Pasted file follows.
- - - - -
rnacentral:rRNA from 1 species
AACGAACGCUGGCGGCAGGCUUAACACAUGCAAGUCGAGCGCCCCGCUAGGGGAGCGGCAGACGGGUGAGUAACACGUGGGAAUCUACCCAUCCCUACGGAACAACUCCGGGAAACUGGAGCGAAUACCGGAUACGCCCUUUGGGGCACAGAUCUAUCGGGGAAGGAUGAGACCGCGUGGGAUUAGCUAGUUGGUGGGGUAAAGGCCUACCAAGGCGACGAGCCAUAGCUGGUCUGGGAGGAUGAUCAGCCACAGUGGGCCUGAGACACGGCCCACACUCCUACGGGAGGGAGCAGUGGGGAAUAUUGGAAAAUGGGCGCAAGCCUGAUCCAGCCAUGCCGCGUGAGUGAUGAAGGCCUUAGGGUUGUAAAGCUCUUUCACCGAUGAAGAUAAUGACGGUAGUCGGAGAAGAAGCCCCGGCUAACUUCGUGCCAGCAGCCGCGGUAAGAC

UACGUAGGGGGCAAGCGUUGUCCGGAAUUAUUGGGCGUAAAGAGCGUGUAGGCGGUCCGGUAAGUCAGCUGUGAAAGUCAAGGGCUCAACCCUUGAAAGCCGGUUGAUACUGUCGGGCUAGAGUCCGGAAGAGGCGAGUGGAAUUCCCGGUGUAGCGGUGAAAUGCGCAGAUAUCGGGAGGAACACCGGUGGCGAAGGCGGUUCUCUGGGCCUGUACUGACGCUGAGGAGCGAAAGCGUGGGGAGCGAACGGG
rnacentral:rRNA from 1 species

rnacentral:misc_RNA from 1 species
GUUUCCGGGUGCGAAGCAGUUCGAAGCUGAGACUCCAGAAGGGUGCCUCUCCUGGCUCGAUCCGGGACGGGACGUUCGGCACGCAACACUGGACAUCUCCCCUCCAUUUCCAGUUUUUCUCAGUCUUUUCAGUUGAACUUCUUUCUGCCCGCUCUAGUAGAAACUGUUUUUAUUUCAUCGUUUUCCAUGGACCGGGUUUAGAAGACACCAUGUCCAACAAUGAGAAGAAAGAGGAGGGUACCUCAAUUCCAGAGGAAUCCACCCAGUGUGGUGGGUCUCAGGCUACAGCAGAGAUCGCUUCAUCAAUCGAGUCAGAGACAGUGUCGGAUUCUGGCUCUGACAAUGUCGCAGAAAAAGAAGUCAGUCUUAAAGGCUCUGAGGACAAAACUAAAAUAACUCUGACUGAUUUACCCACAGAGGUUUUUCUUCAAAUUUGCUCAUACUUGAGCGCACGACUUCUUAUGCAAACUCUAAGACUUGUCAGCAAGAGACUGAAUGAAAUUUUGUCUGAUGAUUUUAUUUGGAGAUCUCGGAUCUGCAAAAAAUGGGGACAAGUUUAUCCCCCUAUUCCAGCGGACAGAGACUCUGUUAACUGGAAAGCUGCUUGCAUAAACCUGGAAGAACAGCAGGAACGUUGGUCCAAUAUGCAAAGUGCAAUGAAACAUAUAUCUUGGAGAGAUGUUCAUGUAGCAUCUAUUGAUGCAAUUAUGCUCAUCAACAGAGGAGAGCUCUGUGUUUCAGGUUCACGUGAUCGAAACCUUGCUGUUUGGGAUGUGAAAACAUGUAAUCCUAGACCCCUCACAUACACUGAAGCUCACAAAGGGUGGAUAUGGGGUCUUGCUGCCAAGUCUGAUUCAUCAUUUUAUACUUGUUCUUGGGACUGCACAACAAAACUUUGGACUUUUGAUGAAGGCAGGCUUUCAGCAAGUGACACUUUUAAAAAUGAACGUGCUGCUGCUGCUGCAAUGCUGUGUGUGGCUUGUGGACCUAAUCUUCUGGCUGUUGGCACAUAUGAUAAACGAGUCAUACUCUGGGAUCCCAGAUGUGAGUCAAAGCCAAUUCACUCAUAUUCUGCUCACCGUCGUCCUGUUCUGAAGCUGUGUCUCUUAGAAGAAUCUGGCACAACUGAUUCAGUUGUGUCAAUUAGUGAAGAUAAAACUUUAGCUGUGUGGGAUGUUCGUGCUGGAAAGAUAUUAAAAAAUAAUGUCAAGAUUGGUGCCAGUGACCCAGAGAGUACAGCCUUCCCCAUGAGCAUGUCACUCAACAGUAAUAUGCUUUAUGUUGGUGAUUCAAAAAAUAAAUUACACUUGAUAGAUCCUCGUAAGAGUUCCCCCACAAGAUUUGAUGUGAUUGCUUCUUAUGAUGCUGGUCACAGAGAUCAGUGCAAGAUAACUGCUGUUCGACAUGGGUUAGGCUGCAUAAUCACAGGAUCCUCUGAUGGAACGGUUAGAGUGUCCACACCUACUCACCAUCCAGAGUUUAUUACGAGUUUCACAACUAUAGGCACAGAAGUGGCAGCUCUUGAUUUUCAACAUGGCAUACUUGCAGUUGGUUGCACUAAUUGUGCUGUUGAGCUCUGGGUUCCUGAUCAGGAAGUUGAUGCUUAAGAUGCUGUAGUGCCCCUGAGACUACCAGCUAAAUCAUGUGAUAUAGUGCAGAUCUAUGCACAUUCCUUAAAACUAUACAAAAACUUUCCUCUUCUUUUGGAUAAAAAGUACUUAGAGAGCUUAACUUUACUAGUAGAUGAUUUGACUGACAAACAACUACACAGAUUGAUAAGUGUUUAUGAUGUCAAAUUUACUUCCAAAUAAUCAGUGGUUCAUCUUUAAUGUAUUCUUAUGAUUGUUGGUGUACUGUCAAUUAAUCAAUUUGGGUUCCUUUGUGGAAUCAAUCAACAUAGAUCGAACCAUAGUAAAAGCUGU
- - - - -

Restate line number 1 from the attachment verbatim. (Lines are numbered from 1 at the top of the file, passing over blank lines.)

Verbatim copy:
rnacentral:rRNA from 1 species